It was far past 1AM and heading closer to 2AM when everything changed. The fight had been going on well over an hour. There were ebbs and flows as Goon e-war came back, and was forced off again. And a constant cycle of getting ECM bursted, relocking, ECM burst, relocking. We knew they had a trump card, but up until then they didn’t seem willing to use it.

“They are mobilizing their supers! Also, a large capital fleet incoming!”

“How many carriers do they have?” our FC barked.


“Supers landing, supers landing!”

“At least forty carriers also landing.”


Game over. They were trumping out.

“Everyone back inside the shields now. Move back, move back. Go. Go. Go. Go.”

A full-scale, organized retreat ensued. And while most of the fleet made it out, there were a few that didn’t quite get there in time as the swarm landed on their heads.

“Once inside the shields, warp to station. Go, now.”

“Guardians, stay outside shields as long as you can and rep people.” The guardian anchor piped up. “Keep our Machs alive.”

I gave a big sigh of relief as my Machariel slowly slipped past the shield bubble to safety, and began to initiate warp to the station.

In the end, we ended up with about a 50/50 split in the ISKlost. (not including lost skill points)  We lost field, and lost our POS. Goons brought in around 30 supers, and nearly 50 capitals at the end.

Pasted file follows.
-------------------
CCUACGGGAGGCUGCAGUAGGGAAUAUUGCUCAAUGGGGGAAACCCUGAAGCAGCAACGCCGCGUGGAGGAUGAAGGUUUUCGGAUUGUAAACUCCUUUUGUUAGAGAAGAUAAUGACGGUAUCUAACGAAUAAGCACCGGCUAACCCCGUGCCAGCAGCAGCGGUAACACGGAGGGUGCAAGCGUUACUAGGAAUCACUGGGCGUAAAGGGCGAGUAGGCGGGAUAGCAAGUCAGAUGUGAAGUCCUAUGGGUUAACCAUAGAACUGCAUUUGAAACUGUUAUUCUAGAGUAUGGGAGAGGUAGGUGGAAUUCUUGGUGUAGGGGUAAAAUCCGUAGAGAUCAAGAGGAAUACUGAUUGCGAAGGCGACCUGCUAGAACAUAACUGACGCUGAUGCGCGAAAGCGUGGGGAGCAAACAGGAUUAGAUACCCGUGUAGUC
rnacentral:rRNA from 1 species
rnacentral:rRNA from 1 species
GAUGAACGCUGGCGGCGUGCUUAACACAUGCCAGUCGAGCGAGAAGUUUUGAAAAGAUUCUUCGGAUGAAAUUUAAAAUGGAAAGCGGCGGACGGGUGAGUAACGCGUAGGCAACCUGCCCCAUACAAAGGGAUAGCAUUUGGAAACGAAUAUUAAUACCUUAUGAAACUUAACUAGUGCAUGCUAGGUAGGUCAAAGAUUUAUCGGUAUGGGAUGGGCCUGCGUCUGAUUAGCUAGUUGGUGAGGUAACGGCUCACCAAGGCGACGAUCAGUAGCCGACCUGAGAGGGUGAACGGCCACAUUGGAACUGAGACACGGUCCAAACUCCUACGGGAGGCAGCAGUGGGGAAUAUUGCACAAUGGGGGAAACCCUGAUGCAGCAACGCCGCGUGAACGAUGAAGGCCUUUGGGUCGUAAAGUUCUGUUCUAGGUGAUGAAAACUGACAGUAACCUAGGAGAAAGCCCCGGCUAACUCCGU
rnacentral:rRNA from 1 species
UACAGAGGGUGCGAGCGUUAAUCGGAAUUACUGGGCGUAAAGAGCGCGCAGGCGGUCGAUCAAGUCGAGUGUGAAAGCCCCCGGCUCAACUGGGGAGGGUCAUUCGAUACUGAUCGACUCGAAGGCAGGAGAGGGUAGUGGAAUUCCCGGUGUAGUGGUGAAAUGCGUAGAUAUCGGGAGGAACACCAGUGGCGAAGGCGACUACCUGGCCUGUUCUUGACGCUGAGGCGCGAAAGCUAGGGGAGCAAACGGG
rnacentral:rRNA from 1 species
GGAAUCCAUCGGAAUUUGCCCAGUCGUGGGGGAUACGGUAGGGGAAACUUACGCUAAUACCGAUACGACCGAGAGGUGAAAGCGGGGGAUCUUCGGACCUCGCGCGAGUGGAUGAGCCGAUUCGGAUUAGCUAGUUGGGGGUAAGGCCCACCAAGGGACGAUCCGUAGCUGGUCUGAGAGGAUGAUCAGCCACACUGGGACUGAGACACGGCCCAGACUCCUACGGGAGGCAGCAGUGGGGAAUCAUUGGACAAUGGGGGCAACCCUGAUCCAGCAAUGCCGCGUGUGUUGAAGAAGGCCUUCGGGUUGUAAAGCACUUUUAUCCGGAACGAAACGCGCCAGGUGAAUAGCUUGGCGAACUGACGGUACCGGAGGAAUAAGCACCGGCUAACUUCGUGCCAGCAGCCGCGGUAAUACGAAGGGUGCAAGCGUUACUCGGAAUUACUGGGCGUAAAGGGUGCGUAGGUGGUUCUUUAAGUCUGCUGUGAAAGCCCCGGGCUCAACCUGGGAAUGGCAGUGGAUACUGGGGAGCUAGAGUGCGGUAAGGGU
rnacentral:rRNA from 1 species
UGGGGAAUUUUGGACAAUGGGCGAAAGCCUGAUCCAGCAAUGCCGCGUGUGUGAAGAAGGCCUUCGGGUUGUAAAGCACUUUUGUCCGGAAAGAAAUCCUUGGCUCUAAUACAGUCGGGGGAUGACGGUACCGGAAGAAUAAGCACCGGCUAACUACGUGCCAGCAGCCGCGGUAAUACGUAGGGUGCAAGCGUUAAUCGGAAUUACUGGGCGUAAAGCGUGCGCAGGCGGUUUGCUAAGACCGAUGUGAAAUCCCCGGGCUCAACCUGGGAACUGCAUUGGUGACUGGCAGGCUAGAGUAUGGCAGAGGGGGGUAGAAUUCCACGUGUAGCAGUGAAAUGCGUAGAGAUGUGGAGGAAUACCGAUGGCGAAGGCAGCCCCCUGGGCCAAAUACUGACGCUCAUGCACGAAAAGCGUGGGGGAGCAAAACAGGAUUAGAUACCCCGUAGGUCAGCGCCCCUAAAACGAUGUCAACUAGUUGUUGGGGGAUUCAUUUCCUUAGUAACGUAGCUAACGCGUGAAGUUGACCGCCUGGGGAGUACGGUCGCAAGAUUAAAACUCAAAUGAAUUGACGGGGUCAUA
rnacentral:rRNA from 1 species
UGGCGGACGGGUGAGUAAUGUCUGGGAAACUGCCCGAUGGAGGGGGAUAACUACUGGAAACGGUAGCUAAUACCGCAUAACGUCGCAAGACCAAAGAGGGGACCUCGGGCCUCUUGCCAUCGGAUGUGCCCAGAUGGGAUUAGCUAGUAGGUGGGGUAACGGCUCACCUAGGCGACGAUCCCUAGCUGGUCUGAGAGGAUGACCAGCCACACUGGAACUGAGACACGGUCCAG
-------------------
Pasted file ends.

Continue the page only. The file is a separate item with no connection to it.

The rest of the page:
The ‘bring supers when all else fails’ is a card we’ve played against others in the past. So you will find no ‘grr goons’ here on that account. They’ve been losing to us rather soundly since they arrived, and I suspect that losing field again was simply not an option.

Well played, good fight.

“So, how long are we going to be in this station?” I asked FC sleepily.

“Go to bed, Susan.” 

And so I did.

Sunday, November 8, 2015

A Dead Goon (or two)

We had just stood down from killing a miscellaneous Ferox fleet when someone dropped the d-scan into alliance showing a fair amount of particularly juicy targets a mere three jumps from home.
It was Goonswarm and it was obvious that they were there for blood.

Fights happen for a variety of reasons in low-sec. We have wars and rivalries and go after each other’s assets. We fight over poses and pocos. People put on events, or twitch themselves romping around with a group of their friends.

Sometimes, however, a fight happens for no other reason than that someone has the bloodlust. They plant themselves in an open place, and bare all—daring the locals to come engage them.

And, it was clear that this was the case with Goons. It was obvious they knew who lived nearby, and how to get our attention –the shiny battleships and capitals they had brought to our doorstep were as good as a loud taunt to come fight.

Our FC began to contemplate some ideas as what to bring, and a certain amount of theory-crafting started up on coms. 

One thing I’ve always found intriguing about BBC is the level of strategy that goes into some of our fights and engagements. As a small gang pilot, it’s easy to assume that all larger groups adopt a “FC and a bunch of F1 pushers” mentality. But, this is rarely how we operate.